Universal Greed

Seagram's merger invites a look into how the suits took record labels away from the true music enthusiasts

It's too bad we can't take a Soundscan of all the lives the recent $10.4 billion merger of PolyGram and Universal Music will ruin.

Sure, we can do a feasible head count of the hundreds of artists and managers whose necks will meet the chopping block, and those ratzafriggin' bean counters are already projecting 3,000 employees will be let go. But why stop the tally there?

Let's consider all the recording studios that probably won't be paid anytime soon while finished masters continue to collect dust. Then you've got the countless roadies, booking agents and assistants who will probably get axed because of canceled tours. Not to mention the hundreds of groupies, hangers-on and sycophants that make this business of show worthwhile, suddenly devoid of someone they can suck up to. Who will utilize their special talents? No one--they'll be forced into a life of telemarketing, and then who they gonna call? That's right, you and me. Five minutes before supper's ready.

And if you've got a heart as big as my migraine, you might shed a tear in your beer for that rare record executive for whom an eight-figure severance check will not even begin to console. "It's not the money, dammit, it's the music," he softly cries.

Okay, maybe we can scotch that last one, because there ain't no such beast lurking in the corridors of power anymore--you'd have a better chance of running into Sasquatch. You can poll executives at Seagram, Inc. (the parent company to this massacre), and they probably haven't bought a record since Rumours. These guys buy record labels, not records. Gone forever are the days when a record executive like Jerry Wexler, vice president of Atlantic Records, would even be invited to a recording session, let alone be qualified to make musical suggestions.

Read a book like Peter Guralnick's Sweet Soul Music and you'll find hundreds of unbelievable anecdotes like this one: During the recording of Wilson Pickett's "In the Midnight Hour," Wexler, by then well into his 40s, was dancing the Jerk and telling Steve Cropper and Duck Dunn that they needed to put the accent on two, "'cause that's what the kids are dancing to." And they knew he was right!

If the expression "music business" has become an oxymoron, rest assured it wasn't always so. For every 30 fast-buck merchants, you could always count on one or two record mavens who couldn't envision a life where music didn't play a substantial role and for whom starting a label was a logical by-product of that love. People like Ahmet Ertegun, the son of a Turkish diplomat and the founder of Atlantic Records. If the desire to make a million bucks was his driving force, it wasn't the overriding one. It was the desire to see the R&B music he loved, referred to as "race records" back in the day, marketed with the sophistication and respect it deserved.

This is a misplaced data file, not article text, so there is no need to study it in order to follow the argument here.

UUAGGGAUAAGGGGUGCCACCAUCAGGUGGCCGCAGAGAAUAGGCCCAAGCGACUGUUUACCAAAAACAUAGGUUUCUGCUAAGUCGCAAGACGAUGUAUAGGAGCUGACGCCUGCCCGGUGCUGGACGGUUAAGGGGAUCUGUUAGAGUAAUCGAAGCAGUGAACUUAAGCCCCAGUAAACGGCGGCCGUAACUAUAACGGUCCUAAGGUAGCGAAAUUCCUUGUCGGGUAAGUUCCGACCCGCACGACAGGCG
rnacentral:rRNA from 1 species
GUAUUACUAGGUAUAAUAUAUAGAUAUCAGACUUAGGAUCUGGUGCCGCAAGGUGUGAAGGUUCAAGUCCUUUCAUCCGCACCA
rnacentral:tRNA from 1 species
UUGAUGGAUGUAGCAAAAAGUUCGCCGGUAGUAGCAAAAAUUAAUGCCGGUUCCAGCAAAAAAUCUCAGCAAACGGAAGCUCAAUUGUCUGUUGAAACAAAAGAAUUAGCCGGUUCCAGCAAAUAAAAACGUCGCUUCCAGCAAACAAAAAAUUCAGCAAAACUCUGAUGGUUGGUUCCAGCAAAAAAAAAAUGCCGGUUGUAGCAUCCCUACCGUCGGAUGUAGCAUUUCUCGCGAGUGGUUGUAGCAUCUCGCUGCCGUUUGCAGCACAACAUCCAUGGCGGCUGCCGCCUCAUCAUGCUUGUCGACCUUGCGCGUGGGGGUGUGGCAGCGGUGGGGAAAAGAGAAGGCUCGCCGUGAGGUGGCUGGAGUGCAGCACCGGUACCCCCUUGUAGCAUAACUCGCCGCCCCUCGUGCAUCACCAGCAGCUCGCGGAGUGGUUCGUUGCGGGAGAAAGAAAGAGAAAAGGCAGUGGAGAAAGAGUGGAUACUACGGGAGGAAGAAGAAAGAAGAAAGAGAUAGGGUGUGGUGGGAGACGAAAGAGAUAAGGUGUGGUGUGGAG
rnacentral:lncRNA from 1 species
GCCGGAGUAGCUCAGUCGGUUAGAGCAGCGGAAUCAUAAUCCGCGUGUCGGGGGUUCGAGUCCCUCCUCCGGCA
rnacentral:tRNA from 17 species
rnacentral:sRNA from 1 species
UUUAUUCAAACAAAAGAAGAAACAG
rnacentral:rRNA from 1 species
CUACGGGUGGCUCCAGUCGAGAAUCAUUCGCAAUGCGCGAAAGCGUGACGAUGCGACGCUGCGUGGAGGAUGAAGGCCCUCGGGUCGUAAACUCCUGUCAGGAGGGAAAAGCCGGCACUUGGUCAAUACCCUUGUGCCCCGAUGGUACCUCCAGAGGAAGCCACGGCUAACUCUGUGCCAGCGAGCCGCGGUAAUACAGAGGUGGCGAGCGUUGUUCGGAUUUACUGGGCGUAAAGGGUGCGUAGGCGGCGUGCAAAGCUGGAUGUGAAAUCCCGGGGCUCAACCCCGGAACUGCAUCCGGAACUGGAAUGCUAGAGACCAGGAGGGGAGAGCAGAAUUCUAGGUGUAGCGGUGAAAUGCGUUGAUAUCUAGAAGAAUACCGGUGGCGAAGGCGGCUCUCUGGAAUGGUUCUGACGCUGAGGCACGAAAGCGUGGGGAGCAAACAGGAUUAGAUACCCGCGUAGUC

What really puts the glum in conglomerate is that so much of our musical heritage is getting lost in the boardroom shuffle. Like a historic landmark getting razed by the umpteenth Circle K, we have no more great musical dynasties we can point to with pride. In the CD age, it's pretty hard to get a religious fervor just talking about a record label, especially when logos are one-sixteenth of an inch whenever they're reproduced, and chances are you won't see it while it's in your CD player spinning at 3,000 rpm.

Back when people had turntables, the act of placing the needle onto a record ensured that people had to take some active role in the music beyond listening, and this usually entailed looking at what you were listening to. You'd become familiar with a label, especially if it happened to keep winding up in your record collection. So many artists have reproduced vintage record labels on their new CD releases in the hopes of rekindling those nostalgic attachments we used to have for our record labels and, thus, our music.

The Gin Blossoms slapped the infamous brown-and-red A&M label with the equally infamous Herb Alpert trumpet on their last album. Both offshoots of that band, Pharoahs 2000 and Lo-Watts, are still signed to A&M and face an uncertain future, the former sitting on a completed album since May of last year. Drastic cuts in staff and roster are expected to cripple this once great label. If A&M even remains in operation into the next millennium, it will be as a comatose shadow of its former self.